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Making It In The Music Business: A Rich Heiresses’ Special Privilege?

BILLIE EILISH @ THE HI HAT (courtesy LA Record)

 

Everyone knows the expression ‘Industry plant’, often used to describe a young artist who has been artificially propelled to the top of the charts, much faster than your average musician. But to get to the top you just need insistent advertising, plenty of radio airplay, promotion on all streaming platforms, and a large following on social media… it’s a sad reality to realize that all these things can be bought, but at this point, whether the young artist in question has real talent or not, almost seems irrelevant. It’s just difficult to explain why certain young artists blow up so fast and at such a large scale unless they have rich and well-connected parents?

When you dig into the current pop princesses’ lives, it cannot be a coincidence, they all come from very wealthy families: Ariana Grande’s father is Edward Butera, the CEO of Ibi Designs Edward Butera, a hugely successful graphic design company with tons of A-list celebrities as clients, Taylor Swift’s father was a financial advisor at Merrill-Lynch and her mother was a mutual fund marketing executive, Lady Gaga’s father was a very successful Internet entrepreneur, who owns a company that installs WiFi in hotel chains, and Lana Del Rey’s grandfather was Robert England Grant, Sr., a Kidder, Peabody & Co. investment banker, a vice president for Plough, Inc and Textron, and venture capitalist. Even if you look at the previous generation, it won’t be different as, for example, Carly Simon’s father co-founded the very famous Simon & Schuster publishing house.

Making it in the music business could be rich heiresses’ special privilege — a very depressing observation — but being an industry plant has to be another step. However, how to explain the phenomenal success of some artists without it? Billie Eilish played the tiny Hi Hat on August 2017 and she is now almost headlining Coachella with 23M followers on Instagram… Phoebe Bridgers played the Echo in front of a very small audience a few years ago, and next time I saw her, she was already opening for Television before even having an album out. I could say the same thing of the Haim sisters who started very modestly in my neighborhood and are now reaching 1M followers on Instagram with a documented friendship with Taylor Swift.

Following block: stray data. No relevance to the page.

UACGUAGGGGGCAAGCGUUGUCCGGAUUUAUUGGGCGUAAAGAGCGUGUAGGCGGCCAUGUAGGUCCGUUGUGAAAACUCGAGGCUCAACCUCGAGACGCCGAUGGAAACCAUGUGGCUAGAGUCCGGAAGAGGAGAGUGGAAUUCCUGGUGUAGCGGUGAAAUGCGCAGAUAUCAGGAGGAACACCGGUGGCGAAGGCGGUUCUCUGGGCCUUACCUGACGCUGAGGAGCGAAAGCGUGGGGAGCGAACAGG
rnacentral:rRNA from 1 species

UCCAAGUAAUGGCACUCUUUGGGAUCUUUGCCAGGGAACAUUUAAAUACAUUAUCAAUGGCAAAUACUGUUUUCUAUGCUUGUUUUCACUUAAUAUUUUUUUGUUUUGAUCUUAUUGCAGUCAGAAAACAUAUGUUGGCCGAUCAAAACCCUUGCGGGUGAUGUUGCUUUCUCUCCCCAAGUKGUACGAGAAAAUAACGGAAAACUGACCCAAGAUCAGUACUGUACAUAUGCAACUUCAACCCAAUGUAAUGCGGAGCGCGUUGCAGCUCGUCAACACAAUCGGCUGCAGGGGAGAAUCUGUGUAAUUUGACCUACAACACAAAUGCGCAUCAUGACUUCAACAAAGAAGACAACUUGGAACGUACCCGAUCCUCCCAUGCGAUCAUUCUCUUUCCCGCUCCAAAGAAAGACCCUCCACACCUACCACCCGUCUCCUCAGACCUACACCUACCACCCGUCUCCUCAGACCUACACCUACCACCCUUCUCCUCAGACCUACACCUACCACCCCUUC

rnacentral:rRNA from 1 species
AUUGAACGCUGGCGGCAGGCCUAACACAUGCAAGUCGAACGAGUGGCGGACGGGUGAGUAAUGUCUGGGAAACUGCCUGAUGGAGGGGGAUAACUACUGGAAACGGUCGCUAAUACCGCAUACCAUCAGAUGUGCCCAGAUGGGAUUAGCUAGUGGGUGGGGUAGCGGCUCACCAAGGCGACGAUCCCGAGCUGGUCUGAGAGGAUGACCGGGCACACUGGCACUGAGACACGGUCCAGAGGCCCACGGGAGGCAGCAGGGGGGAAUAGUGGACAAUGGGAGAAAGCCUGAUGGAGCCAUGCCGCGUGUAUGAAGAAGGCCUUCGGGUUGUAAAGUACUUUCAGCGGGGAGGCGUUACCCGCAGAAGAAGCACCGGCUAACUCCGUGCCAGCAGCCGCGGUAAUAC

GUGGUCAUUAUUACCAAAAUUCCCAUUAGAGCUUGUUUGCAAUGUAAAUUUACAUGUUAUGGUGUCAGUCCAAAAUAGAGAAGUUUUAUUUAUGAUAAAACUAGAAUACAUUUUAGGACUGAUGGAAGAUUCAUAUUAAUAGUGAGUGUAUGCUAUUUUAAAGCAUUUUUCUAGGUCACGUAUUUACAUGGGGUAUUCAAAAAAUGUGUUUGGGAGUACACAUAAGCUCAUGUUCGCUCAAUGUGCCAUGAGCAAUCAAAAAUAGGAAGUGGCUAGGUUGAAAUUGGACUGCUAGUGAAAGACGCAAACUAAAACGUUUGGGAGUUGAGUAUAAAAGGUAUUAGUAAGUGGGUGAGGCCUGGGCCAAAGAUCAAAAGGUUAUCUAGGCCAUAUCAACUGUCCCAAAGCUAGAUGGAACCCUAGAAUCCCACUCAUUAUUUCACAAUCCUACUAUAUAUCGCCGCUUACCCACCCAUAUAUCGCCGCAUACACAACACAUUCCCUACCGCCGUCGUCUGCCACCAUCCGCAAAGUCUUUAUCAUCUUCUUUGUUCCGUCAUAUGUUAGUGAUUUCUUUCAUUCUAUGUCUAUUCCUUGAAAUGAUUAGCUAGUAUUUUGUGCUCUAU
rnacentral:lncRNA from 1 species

How many talented artists do I see in these small clubs every year? Countless! How many of them will make it? Very few, but everything in the careers of these women screams good connections and wealthy parents. Billie Eilish’s parents are actors and screenwriters who have ties in the music industry, just like the Haim sister’s parents. Interestingly, Bridgers is not the only one who got in the news because of Ryan Adams, as the Haim sisters got some very early international publicity when Adams joined them on stage at the Echoplex a few years ago.

An ‘edgy’ image can easily be manufactured by the industry to reflect a special niche of the moment, whether it is Bridgers’ emo sadgirl look or Eilish’s doesn’t-give-a-fuck teenager attitude. And even though they are partially responsible for their image, it’s obvious that there is an army behind Eilish’s aesthetic and very stylish music videos for example.

We have reached a point where so much is happening behind the scenes and the success or lack of success of anyone is not necessarily reflecting his or her talent. We are rarely choosing the artists we went to listen to, rather we are fed by the calculated music industry.

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